Research seminar: Presumed dissent

As part of IDEA's 2020-21 research seminar series, we welcome Dr Nicola Williams, Leverhulme Early Career Fellow, from the University of Lancaster.


“It is often claimed that a legitimate approach to organ donation is a policy of ‘presumed consent’, also known as ‘opt-out’ or ‘deemed authorisation’. Under such systems, individuals are presumed willing to donate at least some of their organs and tissues post-mortem unless they have explicitly refused permission. No two opt-out policies are exactly alike however and they commonly differ in certain key respects.

Of these, the one which has gained most attention is the role given to the views of prospective donors’ families and a small but valuable literature has emerged on this topic. Another respect in which opt-out policies often differ, but which has received comparatively little attention, is in the various exclusions and safeguards built into the policy. Such exclusions normally specify groups excluded from opt-out policy (such as younger children or adults lacking mental capacity). However, they may also specify particular types of organs and tissues and/or transplants for which explicit consent will still be required.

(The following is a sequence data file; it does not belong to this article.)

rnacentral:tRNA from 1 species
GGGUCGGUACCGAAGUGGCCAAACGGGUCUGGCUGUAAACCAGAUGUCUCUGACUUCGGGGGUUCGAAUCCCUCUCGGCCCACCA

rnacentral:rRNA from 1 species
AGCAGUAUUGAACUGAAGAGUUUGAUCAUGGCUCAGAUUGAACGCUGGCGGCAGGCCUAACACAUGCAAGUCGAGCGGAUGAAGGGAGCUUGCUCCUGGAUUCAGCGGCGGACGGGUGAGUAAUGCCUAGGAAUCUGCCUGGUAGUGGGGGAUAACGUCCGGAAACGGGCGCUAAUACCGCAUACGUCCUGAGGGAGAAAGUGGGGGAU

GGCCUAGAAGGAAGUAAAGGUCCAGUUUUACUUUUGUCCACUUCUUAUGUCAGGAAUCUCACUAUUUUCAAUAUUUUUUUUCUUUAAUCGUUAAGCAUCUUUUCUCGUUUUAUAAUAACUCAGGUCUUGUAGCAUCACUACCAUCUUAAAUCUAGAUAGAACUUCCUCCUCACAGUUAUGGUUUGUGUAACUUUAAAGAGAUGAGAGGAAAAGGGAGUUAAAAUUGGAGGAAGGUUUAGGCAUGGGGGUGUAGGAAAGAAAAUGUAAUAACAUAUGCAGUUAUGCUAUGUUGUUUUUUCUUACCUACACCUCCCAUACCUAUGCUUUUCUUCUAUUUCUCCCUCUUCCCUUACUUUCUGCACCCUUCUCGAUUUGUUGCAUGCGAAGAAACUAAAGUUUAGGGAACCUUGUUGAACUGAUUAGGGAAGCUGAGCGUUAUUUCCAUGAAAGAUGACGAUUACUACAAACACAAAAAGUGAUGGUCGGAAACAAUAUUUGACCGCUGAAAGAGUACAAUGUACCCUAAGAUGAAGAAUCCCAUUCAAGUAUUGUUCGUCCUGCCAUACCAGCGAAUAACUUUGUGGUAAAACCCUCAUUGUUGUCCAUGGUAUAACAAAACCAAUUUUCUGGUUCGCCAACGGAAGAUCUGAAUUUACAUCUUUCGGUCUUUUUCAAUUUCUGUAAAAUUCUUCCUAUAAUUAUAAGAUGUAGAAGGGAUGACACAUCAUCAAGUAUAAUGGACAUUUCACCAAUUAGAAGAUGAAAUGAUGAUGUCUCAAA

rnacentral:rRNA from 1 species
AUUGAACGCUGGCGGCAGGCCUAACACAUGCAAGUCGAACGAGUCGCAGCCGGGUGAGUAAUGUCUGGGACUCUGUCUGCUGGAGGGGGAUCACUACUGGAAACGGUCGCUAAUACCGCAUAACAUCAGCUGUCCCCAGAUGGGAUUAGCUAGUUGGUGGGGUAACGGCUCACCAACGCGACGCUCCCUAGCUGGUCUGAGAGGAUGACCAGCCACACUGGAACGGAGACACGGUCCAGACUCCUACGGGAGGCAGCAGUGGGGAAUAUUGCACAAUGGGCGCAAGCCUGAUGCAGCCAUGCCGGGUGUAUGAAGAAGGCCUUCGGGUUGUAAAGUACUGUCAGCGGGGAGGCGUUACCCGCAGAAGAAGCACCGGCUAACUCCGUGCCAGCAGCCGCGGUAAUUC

This paper explores the question of whether and, if so, why and how, opt-out systems for post-mortem organ donation ought to restrict the types of organs and tissues for which consent is deemed and explores and critiques the process leading to recent changes to organ donation legislation in England, Wales, and Scotland.”


Dr Nicola Williams (Leverhulme Early Career Fellow, University of Lancaster).

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Please see our 2020-21 schedule for more upcoming research seminars.

This research seminar series of webinars is curated by Dr Andrew Kirton.